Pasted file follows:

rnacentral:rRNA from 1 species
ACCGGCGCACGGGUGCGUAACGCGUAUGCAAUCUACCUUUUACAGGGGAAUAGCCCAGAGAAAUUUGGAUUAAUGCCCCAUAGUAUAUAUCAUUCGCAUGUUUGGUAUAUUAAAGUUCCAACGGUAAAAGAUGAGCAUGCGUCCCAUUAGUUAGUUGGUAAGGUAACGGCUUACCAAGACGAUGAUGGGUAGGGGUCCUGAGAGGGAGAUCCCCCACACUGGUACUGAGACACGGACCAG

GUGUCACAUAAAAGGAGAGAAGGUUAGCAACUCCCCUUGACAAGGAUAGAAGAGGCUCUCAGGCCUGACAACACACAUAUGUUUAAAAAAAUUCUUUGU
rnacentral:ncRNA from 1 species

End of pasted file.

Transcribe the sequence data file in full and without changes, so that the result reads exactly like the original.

rnacentral:rRNA from 1 species
ACCGGCGCACGGGUGCGUAACGCGUAUGCAAUCUACCUUUUACAGGGGAAUAGCCCAGAGAAAUUUGGAUUAAUGCCCCAUAGUAUAUAUCAUUCGCAUGUUUGGUAUAUUAAAGUUCCAACGGUAAAAGAUGAGCAUGCGUCCCAUUAGUUAGUUGGUAAGGUAACGGCUUACCAAGACGAUGAUGGGUAGGGGUCCUGAGAGGGAGAUCCCCCACACUGGUACUGAGACACGGACCAG

GUGUCACAUAAAAGGAGAGAAGGUUAGCAACUCCCCUUGACAAGGAUAGAAGAGGCUCUCAGGCCUGACAACACACAUAUGUUUAAAAAAAUUCUUUGU
rnacentral:ncRNA from 1 species